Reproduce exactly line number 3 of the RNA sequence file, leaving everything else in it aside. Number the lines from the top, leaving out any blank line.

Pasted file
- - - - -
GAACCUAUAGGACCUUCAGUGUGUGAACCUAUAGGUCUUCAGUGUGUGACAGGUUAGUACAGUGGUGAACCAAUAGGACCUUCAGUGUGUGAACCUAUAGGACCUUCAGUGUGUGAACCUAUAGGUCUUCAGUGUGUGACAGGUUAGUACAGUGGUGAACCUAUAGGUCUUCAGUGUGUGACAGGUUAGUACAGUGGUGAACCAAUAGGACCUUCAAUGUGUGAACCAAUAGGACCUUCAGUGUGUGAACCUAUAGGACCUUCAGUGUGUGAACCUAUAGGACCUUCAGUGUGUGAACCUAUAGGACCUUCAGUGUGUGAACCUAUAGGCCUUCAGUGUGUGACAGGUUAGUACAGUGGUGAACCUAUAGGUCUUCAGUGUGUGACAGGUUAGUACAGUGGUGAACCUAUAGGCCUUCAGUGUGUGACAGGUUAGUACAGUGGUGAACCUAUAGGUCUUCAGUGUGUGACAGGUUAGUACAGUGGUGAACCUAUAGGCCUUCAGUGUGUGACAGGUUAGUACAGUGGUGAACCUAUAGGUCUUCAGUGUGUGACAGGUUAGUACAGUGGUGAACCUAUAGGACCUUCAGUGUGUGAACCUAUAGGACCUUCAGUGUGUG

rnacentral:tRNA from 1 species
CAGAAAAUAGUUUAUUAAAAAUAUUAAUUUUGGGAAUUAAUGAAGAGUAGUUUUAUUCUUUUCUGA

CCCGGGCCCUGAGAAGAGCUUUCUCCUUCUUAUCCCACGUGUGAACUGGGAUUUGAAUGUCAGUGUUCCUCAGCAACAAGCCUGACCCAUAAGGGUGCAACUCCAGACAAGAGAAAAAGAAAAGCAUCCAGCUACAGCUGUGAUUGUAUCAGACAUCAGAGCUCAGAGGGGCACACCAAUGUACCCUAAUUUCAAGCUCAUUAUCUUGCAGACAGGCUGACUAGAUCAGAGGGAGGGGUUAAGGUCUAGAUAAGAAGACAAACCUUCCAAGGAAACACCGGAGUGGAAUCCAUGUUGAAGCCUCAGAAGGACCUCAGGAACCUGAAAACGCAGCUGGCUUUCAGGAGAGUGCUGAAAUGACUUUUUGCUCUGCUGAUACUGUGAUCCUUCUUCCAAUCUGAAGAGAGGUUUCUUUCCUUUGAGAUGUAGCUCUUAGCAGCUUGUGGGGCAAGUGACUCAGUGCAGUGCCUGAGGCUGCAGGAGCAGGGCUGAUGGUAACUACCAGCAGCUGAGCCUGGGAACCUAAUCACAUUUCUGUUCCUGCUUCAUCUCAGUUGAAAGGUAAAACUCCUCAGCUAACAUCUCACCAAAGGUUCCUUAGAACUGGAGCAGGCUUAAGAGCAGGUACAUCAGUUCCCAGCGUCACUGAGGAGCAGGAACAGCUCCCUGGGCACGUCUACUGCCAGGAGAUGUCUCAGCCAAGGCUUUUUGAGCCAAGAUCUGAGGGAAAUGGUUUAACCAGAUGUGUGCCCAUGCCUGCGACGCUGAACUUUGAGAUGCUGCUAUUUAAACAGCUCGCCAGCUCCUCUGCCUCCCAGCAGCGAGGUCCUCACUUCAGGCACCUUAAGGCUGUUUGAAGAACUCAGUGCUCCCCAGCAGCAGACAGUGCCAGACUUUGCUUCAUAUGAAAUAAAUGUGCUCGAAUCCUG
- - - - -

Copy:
CAGAAAAUAGUUUAUUAAAAAUAUUAAUUUUGGGAAUUAAUGAAGAGUAGUUUUAUUCUUUUCUGA